Car accidents in California usually happen when one or all drivers involved have been negligent. Every person when operating a motor vehicle has a duty to exercise reasonable care. Negligence can take many different forms. It could involve driving at an illegal speed, ignoring traffic signals, distracted driving as well as other violations of the California Vehicle Code.
After a car accident, there will be an effort made by the insurance companies to determine which driver was at fault. Insurance adjusters will try to gather all essential information. This could involve police reports, statements from drivers as well as any witnesses. Physical evidence could involve images of skid marks on the highway, vehicle damage, damage to the surrounding areas and more. In many cases, the fault of a car accident is not easily determined. California is a fault state. The driver who is determined to be at fault for an accident must pay. In some cases, the decision of who is at fault is determined by a court.
In California, if an individual is in an accident, and it’s easy to prove the other party was at fault, the responsible party will be required to pay for any resulting injuries or damages. If both drivers contributed to the accident, each driver could be made responsible for paying their percentage for injuries or damage. It is often insurance adjusters who determine the percentage of fault in a car accident. Should a claim develop to a point where it becomes a lawsuit, and it goes to court, a jury or judge will determine the percentages of liability for each driver. If a person’s settlement is to be $20,000 for injuries, and the insurance adjusters agree that the person is 25 percent at fault for the accident because of their actions, the settlement amount will be decreased by $5,000.
Statute of Limitations
Every state places a time limit on individuals seeking personal injury claims or lawsuits resulting from a car accident. This is known as the Statute of Limitations. In the state of California, an individual has two years from the date of the car accident to reach a settlement for their claim or file a lawsuit. People may experience their claim taking longer than expected. When someone is injured, they are focused on their ongoing treatment and lose track of time. It is important the Statute of Limitations does not expire before a person files a claim or lawsuit.
These are the most common types of damages. These include lost wages, property loss, loss of earning capacity, medical bills and any specific damages associated a particular car accident. This could also involve general damages and more.
An accident victim can file a lawsuit resulting from a car accident for medical expenses. The goal will be to cover the cost of a person’s injuries. This could amount to just bad bruises and minor cuts. It could also be as serious as paralysis or some type of permanent disability. Some injuries may not immediately show symptoms. Other injuries may require long-term medical care. Covered medical expenses could include physical as well as cognitive therapy, items such as crutches, heating pads and more. Ambulance fees, disability, in-home services and other items necessary for recovery could be covered.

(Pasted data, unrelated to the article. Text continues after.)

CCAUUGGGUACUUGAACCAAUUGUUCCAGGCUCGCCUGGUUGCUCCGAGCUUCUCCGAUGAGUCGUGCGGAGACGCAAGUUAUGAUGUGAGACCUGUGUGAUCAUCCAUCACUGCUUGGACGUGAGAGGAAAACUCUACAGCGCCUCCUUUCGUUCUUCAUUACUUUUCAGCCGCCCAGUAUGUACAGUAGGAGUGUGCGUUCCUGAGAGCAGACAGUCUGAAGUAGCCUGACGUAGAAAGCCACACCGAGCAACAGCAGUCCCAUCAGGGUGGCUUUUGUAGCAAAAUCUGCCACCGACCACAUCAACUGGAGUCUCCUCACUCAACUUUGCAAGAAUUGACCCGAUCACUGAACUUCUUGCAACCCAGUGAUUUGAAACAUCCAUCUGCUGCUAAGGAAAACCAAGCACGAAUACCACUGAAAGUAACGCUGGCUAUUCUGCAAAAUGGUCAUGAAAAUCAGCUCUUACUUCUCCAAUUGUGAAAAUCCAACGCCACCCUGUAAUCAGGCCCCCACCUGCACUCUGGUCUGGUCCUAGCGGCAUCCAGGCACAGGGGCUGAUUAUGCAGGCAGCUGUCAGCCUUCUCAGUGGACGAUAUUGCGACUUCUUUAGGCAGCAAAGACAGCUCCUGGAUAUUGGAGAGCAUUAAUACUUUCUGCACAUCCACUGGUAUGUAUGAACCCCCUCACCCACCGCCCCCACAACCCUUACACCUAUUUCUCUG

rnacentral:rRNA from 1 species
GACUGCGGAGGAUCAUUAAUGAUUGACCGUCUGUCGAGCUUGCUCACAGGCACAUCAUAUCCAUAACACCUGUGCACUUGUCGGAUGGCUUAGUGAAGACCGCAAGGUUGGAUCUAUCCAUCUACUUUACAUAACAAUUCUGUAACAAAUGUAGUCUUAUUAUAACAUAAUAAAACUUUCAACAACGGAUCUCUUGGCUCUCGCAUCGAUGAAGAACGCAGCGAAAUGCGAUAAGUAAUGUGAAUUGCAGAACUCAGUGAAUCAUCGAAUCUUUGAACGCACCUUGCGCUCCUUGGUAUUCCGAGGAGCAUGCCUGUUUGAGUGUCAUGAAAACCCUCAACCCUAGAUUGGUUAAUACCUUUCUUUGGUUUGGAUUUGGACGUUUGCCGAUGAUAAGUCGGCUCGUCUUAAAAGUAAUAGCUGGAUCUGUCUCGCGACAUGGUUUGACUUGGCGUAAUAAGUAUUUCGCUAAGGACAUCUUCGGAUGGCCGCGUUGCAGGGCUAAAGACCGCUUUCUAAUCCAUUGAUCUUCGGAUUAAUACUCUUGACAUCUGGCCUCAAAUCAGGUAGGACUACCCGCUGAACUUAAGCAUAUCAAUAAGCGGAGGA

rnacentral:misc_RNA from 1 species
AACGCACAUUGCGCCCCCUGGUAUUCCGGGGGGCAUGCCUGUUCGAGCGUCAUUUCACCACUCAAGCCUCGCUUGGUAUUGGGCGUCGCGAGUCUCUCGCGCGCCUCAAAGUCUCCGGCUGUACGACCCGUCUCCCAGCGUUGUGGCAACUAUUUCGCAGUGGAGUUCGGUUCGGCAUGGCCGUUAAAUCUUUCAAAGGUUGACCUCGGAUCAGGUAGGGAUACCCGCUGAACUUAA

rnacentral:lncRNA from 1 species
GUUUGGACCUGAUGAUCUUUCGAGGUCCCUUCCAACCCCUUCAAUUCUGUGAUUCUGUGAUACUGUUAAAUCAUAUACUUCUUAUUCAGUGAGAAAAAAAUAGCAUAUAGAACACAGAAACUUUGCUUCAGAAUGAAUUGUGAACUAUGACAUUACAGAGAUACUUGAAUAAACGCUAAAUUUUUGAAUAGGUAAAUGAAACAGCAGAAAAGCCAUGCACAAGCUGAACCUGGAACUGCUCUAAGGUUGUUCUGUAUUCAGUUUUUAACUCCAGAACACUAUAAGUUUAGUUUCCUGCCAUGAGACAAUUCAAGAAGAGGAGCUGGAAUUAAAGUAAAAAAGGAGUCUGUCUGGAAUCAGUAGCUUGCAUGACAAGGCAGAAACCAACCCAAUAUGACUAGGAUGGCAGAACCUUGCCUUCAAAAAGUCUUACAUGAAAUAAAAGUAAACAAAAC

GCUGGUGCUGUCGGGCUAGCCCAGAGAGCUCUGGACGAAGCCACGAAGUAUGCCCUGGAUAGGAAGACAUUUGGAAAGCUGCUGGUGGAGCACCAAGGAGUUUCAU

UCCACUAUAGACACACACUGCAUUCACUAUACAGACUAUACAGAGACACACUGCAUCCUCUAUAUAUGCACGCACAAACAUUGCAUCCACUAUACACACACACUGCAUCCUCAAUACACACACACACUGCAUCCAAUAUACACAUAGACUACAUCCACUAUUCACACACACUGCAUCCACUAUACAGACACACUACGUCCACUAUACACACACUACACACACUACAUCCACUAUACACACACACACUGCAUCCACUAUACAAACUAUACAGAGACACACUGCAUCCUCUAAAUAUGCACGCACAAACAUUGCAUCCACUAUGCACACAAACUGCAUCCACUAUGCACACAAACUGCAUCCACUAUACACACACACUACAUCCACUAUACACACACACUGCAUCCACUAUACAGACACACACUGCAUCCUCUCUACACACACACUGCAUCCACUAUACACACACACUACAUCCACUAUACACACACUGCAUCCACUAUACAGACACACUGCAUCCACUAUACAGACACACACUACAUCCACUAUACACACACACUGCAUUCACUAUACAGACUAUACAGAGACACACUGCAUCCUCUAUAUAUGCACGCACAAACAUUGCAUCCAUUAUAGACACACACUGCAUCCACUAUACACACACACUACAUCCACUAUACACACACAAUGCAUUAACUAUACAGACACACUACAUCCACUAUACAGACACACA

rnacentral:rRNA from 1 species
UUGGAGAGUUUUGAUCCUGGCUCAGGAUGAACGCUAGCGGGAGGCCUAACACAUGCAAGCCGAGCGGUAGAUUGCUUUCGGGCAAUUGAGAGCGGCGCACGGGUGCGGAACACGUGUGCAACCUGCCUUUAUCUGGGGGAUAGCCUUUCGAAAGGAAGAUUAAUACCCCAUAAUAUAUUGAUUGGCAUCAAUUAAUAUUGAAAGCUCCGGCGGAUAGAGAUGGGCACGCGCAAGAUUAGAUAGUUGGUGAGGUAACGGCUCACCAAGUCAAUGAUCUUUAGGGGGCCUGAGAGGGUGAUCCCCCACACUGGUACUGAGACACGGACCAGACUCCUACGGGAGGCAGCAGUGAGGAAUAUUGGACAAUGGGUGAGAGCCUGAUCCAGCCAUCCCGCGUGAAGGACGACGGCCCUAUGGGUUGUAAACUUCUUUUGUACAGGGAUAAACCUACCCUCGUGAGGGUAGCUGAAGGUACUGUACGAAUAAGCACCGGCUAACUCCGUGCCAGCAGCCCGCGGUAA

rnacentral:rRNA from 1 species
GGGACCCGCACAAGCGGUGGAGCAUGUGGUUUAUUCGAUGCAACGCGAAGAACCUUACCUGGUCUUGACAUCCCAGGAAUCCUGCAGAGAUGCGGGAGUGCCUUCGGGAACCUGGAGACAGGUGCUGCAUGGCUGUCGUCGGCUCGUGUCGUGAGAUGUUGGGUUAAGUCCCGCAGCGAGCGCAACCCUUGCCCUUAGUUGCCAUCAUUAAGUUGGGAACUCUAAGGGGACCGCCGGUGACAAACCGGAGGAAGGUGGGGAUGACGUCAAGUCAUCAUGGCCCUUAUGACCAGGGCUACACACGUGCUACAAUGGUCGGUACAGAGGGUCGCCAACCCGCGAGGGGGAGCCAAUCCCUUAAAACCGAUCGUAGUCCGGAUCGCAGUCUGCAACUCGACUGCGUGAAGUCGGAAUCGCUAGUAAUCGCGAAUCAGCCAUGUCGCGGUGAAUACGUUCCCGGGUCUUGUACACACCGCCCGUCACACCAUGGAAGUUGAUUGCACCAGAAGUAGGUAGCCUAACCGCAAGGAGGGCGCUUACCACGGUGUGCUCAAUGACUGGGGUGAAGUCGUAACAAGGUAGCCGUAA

Pain And Suffering
This is defined in the legal world as physical or mental distress one may seek compensation for in a lawsuit. This is a conditional injury and based on the type of injury as well as the level of pain experienced by an accident victim. Any pain that could occur in the future as a result of the injury is also taken into consideration. This could include mental as well as emotional damages resulting from the accident. It could also include stress, anxiety and more.
This is monetary compensation awarded to an accident victim intended to punish behavior that is extremely outrageous. This is awarded in addition to compensatory damages. It is designed to be a deterrent against horrific misconduct. Punitive damages are intended to discourage similar negative behavior by the defendant in the future as well as others who may engage in such behavior. This is covered under California Civil Code Section 3294
Immediately After An Accident
If a person is not seriously injured, they need to try and gather information on the driver and any possible witnesses. It’s important to get the license plate and vehicle identification numbers (VIN) for any vehicle involved in the accident. It’s also good to take cell phone pictures of the accident scene if possible. A person should never admit to being at fault for an accident at the scene no matter what the circumstances.
The Day After An Accident
If a person does not have serious injuries, they should report the accident to their insurance company. The company should provide fair compensation for injuries and property damage. Most insurance companies will try to pay as little as possible for an accident claim.
A person may need to speak with a knowledgeable attorney to protect their rights and get fair compensation. These legal experts know the process and usually only get paid when they win a case for their clients.